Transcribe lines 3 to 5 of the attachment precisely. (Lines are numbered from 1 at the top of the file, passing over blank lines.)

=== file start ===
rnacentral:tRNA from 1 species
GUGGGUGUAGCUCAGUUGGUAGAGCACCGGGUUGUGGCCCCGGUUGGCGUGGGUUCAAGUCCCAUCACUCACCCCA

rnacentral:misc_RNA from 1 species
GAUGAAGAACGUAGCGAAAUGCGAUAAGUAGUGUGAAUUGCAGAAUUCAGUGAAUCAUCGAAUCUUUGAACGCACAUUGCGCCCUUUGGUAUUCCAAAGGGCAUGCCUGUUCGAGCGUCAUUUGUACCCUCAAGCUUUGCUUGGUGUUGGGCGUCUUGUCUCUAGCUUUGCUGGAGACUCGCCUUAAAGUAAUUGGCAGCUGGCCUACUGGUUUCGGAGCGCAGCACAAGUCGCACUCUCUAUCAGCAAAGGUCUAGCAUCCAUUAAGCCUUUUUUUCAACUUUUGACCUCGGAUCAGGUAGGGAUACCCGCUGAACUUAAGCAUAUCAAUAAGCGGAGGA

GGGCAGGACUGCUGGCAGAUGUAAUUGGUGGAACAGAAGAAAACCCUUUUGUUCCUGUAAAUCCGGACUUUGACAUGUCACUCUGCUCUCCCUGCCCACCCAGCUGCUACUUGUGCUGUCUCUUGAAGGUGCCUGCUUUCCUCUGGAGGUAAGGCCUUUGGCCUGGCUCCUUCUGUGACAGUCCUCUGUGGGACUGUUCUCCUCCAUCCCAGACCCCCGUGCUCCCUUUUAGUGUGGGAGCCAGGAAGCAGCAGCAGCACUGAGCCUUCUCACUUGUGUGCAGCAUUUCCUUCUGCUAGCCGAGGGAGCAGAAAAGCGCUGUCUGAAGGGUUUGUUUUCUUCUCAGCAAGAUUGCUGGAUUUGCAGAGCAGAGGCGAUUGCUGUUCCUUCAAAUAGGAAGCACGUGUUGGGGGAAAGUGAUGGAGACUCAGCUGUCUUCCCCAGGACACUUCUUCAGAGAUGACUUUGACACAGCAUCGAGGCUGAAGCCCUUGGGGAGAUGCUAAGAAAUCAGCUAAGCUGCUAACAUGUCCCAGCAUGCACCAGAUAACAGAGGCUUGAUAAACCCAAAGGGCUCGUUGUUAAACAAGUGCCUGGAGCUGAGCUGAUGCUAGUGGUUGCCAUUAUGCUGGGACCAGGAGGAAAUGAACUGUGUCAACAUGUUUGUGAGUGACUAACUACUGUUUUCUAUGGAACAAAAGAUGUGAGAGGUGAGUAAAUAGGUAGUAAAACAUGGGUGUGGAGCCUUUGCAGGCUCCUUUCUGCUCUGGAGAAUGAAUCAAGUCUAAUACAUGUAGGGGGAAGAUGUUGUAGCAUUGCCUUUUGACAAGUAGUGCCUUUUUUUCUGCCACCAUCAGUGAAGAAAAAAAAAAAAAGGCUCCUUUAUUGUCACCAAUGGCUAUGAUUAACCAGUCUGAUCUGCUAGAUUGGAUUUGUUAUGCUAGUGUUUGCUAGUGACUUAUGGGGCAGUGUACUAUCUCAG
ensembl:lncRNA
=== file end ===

rnacentral:misc_RNA from 1 species
GAUGAAGAACGUAGCGAAAUGCGAUAAGUAGUGUGAAUUGCAGAAUUCAGUGAAUCAUCGAAUCUUUGAACGCACAUUGCGCCCUUUGGUAUUCCAAAGGGCAUGCCUGUUCGAGCGUCAUUUGUACCCUCAAGCUUUGCUUGGUGUUGGGCGUCUUGUCUCUAGCUUUGCUGGAGACUCGCCUUAAAGUAAUUGGCAGCUGGCCUACUGGUUUCGGAGCGCAGCACAAGUCGCACUCUCUAUCAGCAAAGGUCUAGCAUCCAUUAAGCCUUUUUUUCAACUUUUGACCUCGGAUCAGGUAGGGAUACCCGCUGAACUUAAGCAUAUCAAUAAGCGGAGGA

GGGCAGGACUGCUGGCAGAUGUAAUUGGUGGAACAGAAGAAAACCCUUUUGUUCCUGUAAAUCCGGACUUUGACAUGUCACUCUGCUCUCCCUGCCCACCCAGCUGCUACUUGUGCUGUCUCUUGAAGGUGCCUGCUUUCCUCUGGAGGUAAGGCCUUUGGCCUGGCUCCUUCUGUGACAGUCCUCUGUGGGACUGUUCUCCUCCAUCCCAGACCCCCGUGCUCCCUUUUAGUGUGGGAGCCAGGAAGCAGCAGCAGCACUGAGCCUUCUCACUUGUGUGCAGCAUUUCCUUCUGCUAGCCGAGGGAGCAGAAAAGCGCUGUCUGAAGGGUUUGUUUUCUUCUCAGCAAGAUUGCUGGAUUUGCAGAGCAGAGGCGAUUGCUGUUCCUUCAAAUAGGAAGCACGUGUUGGGGGAAAGUGAUGGAGACUCAGCUGUCUUCCCCAGGACACUUCUUCAGAGAUGACUUUGACACAGCAUCGAGGCUGAAGCCCUUGGGGAGAUGCUAAGAAAUCAGCUAAGCUGCUAACAUGUCCCAGCAUGCACCAGAUAACAGAGGCUUGAUAAACCCAAAGGGCUCGUUGUUAAACAAGUGCCUGGAGCUGAGCUGAUGCUAGUGGUUGCCAUUAUGCUGGGACCAGGAGGAAAUGAACUGUGUCAACAUGUUUGUGAGUGACUAACUACUGUUUUCUAUGGAACAAAAGAUGUGAGAGGUGAGUAAAUAGGUAGUAAAACAUGGGUGUGGAGCCUUUGCAGGCUCCUUUCUGCUCUGGAGAAUGAAUCAAGUCUAAUACAUGUAGGGGGAAGAUGUUGUAGCAUUGCCUUUUGACAAGUAGUGCCUUUUUUUCUGCCACCAUCAGUGAAGAAAAAAAAAAAAAGGCUCCUUUAUUGUCACCAAUGGCUAUGAUUAACCAGUCUGAUCUGCUAGAUUGGAUUUGUUAUGCUAGUGUUUGCUAGUGACUUAUGGGGCAGUGUACUAUCUCAG